Continuing to help people like Mr. Hunter makes Goodwill’s online strategy even more urgent. But success is far from assured. Major retailers have spent years building teams and pouring money into establishing sophisticated e-commerce operations that involve machine learning and seamless distribution channels.
Goodwill’s latest e-commerce venture was in the works for a couple of years. In 2019 and 2020, Goodwill executives commissioned market research to gauge the opportunity they had online.
“It was clear as day that in terms of e-commerce, this was a booming market for resale,” said Daryl Campbell, chief executive of Evergreen Goodwill in Washington State and a founding member of GoodwillFinds.
“We recognized that the Goodwill brand needed more of a centralized presence online — kind of a stand-alone ‘here’s the Goodwill brand in this space’ — in order for us to be able to compete in this really rapidly growing aggressive market,” he added.
Goodwill’s decentralized model makes the challenge of gaining an online presence more complicated. In 1999, Goodwill of Orange County in California started Shopgoodwill.com, an auction site. That site still operates with 128 Goodwills contributing and said it had brought in more than $2 billion.
GoodwillFinds, which has just 14 members, has sold $25 million in merchandise since it started last year and has half a million subscribers, Mr. Kaness said. He said sales growth had increased 50 percent quarter over quarter.
Executives at both Shopgoodwill.com and Goodwillfinds.com said there were currently no plans to merge the sites. On Goodwill’s main website, a drop-down option features both for people looking to shop online, with no direction on which one they should choose.
The charity is also contending with a marketing conundrum. Everyone knows Goodwill for one thing. How does it become top of mind when people go online?
“They are the ultimate brand name in thrifting,” said Patricia Hambrick, who teaches branding, marketing and sustainability at Boston University’s Questrom School of Business. Goodwill, she added, needs shoppers “to get an awareness that they actually have anything online because that’s not necessarily where you would think.”
As any retailer knows, it’s not easy building an e-commerce website that shoppers want to go back to time and again. And one dedicated to resale presents even more hurdles. What Goodwill sells on its site is limited to donations, which are generally countercyclical. In other words, people drop off winter clothes during spring cleaning and give their shorts away just as it’s getting cold.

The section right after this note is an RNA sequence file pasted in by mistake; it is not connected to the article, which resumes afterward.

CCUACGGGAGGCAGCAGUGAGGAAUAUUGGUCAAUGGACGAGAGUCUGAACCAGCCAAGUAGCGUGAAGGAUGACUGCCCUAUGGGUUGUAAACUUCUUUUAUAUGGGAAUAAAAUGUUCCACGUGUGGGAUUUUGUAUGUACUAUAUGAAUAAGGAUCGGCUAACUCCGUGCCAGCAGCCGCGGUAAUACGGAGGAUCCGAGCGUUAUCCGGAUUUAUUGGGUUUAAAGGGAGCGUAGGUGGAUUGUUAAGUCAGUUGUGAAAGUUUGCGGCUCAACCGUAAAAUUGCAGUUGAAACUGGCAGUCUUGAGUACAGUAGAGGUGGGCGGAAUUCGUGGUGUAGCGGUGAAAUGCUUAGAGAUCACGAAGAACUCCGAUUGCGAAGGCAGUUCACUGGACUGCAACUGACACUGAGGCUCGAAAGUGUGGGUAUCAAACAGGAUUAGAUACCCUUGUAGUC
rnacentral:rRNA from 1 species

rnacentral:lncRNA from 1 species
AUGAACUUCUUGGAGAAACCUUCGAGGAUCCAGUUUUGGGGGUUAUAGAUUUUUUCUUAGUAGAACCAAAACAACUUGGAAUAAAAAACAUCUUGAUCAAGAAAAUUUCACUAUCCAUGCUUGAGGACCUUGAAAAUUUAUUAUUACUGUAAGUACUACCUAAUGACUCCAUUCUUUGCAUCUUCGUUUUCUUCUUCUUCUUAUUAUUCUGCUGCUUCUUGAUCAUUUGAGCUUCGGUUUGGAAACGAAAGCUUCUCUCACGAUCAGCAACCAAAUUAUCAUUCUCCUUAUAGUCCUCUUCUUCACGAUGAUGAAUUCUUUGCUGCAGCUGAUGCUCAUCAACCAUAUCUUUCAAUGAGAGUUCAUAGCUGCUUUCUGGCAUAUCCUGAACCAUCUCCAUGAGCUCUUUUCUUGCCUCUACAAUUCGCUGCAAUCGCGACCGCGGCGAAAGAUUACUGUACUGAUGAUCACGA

GoodwillFinds has invested time and resources into teaching its participating members strategies for curating merchandise, taking photos and writing descriptions. Recent finds for shoppers included a 14-karat white gold diamond oval ring for about $1,900, a pair of red Nike high-tops for $46 and a Nintendo 64 for $95.
Items ordered off GoodwillFinds are shipped from the contributing member’s region, and each distribution center operates a little differently.
“Trying to create a normalized customer experience across that environment has proven to be challenging,” said Jim Davis, the chief revenue officer of GoodwillFinds. “The tools we’re building out are starting to normalize for us and make it very possible.”
But that costs money. Mr. Kaness, who previously was an executive at Walmart and chief executive of ModCloth and Lucky Brands, is well aware that operating a tech venture within a charitable organization is difficult. Many of the well-capitalized, publicly traded online resell sites are not profitable; Mr. Kaness said he thought it would take $15 million to $25 million of investment to get GoodwillFinds to where it could compete with them.
Outside a Goodwill location near Manhattan’s Union Square on a recent afternoon, several shoppers said they were unaware the nonprofit even had a website.
Olivia Klem, 23, who dropped off five bags of donations, said she had learned about the e-commerce site when she went online to search for the nearest Goodwill donation center. She said she might use the site when looking to buy something specific rather than just browsing.
“I like the aspect of going to Goodwill and trying things on and seeing what I can find,” Ms. Klem said, holding three tote bags packed with items like wooden spoons and cups she had bought after dropping off her donations.